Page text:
Then, there’s the question of the inscription upon the one, shared tombstone of Ambrose and Henry. It’s splendid: Ex umbris et imaginibus in veritatem. (From shadows and phantasms into the truth). People take this two ways, and it’s another ICEL problem. One is unsure whether the word “veritatem” is inscribed in the stone with an upper case “V” or a lowercase “v”. That is, seeing the phrase on paper forces one to pose the question of Pilate: “Quid etiam veritas?” Is this “the truth” or is this “Truth”? Mysterium Fidei! The epitaph could either be Henry’s final theological statement: “from death to life”, or it could be a bold Victorian voice daring to speak his love’s name – from the grave, where it was finally safe to do so: the truth. From shadows and phantasms into the truth, that is, from the closet to the daylight. Take it as you will.
A two-sided case if you ever saw one. And a delightfully scrumptious morsel of potential ecclesial scandal, indeed an ambrosial treat for the Schadenfreude connoisseur. The translation of Newman’s bones from their rightful place along with those of his beloved as a required action for canonization is the reddest of herrings. Countless others have been canonized without their relics being translated to other locations. Some saints’ remains have even been lost, misplaced, or mislabeled. Church history is full of such accounts. No need to cite them individually. Just pick up any history book (read Peter Brown’s The Cult of Saints). One view is that this nonsense reflects the Vatican’s embarrassment of having the bones of a candidate for sainthood lying in a grave with those of another man, other than a member of his immediate family. Officially, there are no priests of that persuasion, and certainly there never have been nor will there ever be any saints of that persuasion! A notion to the contrary would leave centuries of clerical pundits, yes-men, and propagandists naked at the erect obelisk in St. Peter’s Square, serene visages covered with eggs(benedict). Of course, if there were, that would mean reams and reams of endless re-writes and re-spins for the Vatican. The theological works associated with Cardinal Henry are just too important and valuable to Christianity simply to have them rendered heretically anathema were it to be made public that their author had a peculiar fondness for men. Don’t remind those coffee house femme-freres over there, but the Church considers folks like them unworthy for ordination. One supposes, they must have butched it up for exams and then slipped on the pumps after Mass (it’s so much easier to genuflect in flats!).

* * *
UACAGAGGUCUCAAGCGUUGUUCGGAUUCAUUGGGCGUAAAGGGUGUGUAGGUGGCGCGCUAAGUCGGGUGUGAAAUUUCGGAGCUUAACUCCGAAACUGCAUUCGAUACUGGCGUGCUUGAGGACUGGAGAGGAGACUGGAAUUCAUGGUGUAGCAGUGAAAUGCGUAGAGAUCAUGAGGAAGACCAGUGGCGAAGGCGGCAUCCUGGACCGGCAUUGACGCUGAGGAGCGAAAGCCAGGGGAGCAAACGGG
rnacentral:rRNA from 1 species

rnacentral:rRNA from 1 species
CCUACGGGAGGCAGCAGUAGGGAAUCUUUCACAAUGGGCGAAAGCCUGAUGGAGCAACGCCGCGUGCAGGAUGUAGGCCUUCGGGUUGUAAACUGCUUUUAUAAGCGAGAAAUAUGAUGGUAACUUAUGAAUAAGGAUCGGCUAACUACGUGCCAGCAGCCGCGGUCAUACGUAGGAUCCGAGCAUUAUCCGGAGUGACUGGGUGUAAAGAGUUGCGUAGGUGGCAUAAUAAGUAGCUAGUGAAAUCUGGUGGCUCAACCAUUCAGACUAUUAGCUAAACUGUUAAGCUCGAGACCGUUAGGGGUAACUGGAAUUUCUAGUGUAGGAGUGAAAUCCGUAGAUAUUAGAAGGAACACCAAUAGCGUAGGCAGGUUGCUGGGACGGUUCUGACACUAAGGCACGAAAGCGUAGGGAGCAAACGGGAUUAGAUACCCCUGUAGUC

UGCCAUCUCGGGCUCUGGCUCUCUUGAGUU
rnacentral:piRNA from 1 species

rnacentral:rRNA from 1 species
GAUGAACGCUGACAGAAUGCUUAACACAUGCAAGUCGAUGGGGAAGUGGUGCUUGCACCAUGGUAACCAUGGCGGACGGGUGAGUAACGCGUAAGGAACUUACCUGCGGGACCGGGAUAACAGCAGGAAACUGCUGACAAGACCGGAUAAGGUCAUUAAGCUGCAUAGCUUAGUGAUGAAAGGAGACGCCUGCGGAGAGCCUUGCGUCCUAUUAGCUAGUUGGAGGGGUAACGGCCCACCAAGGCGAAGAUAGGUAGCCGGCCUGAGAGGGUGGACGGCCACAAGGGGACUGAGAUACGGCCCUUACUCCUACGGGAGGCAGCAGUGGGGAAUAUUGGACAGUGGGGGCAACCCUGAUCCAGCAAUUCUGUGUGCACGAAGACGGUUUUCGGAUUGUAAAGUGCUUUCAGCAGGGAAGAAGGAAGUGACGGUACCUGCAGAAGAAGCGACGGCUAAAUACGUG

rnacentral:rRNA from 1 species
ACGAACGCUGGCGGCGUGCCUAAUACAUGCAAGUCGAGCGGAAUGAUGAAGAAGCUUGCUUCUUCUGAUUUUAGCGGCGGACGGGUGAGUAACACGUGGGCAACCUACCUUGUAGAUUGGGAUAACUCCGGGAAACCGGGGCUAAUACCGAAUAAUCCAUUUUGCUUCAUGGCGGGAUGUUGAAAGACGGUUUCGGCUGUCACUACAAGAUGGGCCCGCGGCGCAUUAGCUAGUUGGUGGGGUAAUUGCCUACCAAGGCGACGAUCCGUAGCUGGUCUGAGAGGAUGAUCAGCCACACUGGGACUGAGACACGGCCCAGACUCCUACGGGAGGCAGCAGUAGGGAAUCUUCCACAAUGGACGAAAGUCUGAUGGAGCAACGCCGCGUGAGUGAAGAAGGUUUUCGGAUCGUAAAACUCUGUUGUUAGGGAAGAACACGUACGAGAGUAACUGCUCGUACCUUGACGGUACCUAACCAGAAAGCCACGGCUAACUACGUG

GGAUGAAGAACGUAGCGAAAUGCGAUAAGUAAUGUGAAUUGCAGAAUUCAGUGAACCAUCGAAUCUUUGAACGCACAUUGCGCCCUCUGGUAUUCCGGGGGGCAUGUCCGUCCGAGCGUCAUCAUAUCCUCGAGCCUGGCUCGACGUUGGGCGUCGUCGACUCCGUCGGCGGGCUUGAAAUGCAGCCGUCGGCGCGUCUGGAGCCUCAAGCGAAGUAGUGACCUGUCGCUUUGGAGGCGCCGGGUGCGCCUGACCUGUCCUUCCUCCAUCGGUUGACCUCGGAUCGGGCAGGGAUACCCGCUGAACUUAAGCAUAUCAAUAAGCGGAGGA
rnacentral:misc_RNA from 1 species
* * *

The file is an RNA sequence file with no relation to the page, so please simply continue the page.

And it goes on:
And so, if this odd bone-translation is more an example of Roman damage control, than crowd control, what does it say about the Church’s actual sentiment regarding Topic Q? Something far stricter than what stately stands written in the CCC, that “it’s ok to ‘be’ but not to ‘do’”. As far as we know, the relationship between Henry and Ambrose was non-sexual, however, even with that, the relationship still seems cause for alarm. Could it be that plans for a new stance on the issue are brewing behind the great doors of St. Pete’s? If that’s the case, this issue with Newman should have those lavenders who are sitting pretty in rectories all over the world shaking in their pumps and searching in their Gucci clutches for a tissue and a valium. Close your blinds, ladies, and hide those copies of Death in Venice, and by Jove, don’t eat strawberries in public! It’s sounding like the “don’t ask, don’t tell” policy soon may not be good enough to keep the closet doors shut tightly. But then again, if one does make it far enough in the Roman beauty pageant, it’s always (the art of the) possible to ignore reality, re-write history, and add a good dose of spin to cook the history books. That surely would save a pack of white-out and hours of awkward Catechesis. But on the flip side, heaven still hasn’t gotten rid of St. Christopher yet, even though the Church says his prayers are useless for travelers these days. There have and never will be (whisper: gay) priests and for sure no (whisper: gay) saints. It will be interesting how this all turns out. Whether or not Henry Newman was a queen who had a thing for his confrere Father Ambrose has no impact whatsoever upon his theological sense or upon his ministry to the faithful, both during his lifetime and now. If Henry liked the guys more than he should have liked the guys, who the hell cares? If countless popes can sire children (Celibacy? Premarital what?) and still be considered Vicarii Christi in terra, who on heaven or earth is to say that a queen can’t talk about God and be right? And who’s to say that his prayers in heaven are meaningless because he loved another man? If that were the case, thousands and thousands and thousands of Holy Masses worldwide should be rendered invalid because the hands offering them and speaking the prayers on our behalf might be attached to girly-men.
In order to get to the next level, Cardinal Hank needs another miracle to be attributed to him. I’m banking on the mitres shoving the lid off the new marble sarcophagus one day to find, miracle of miracles, the bones of Ambrose St. John locked in eternal embrace with those of his earthly companion. Relics have been known to translate themselves too, you know. Oremus….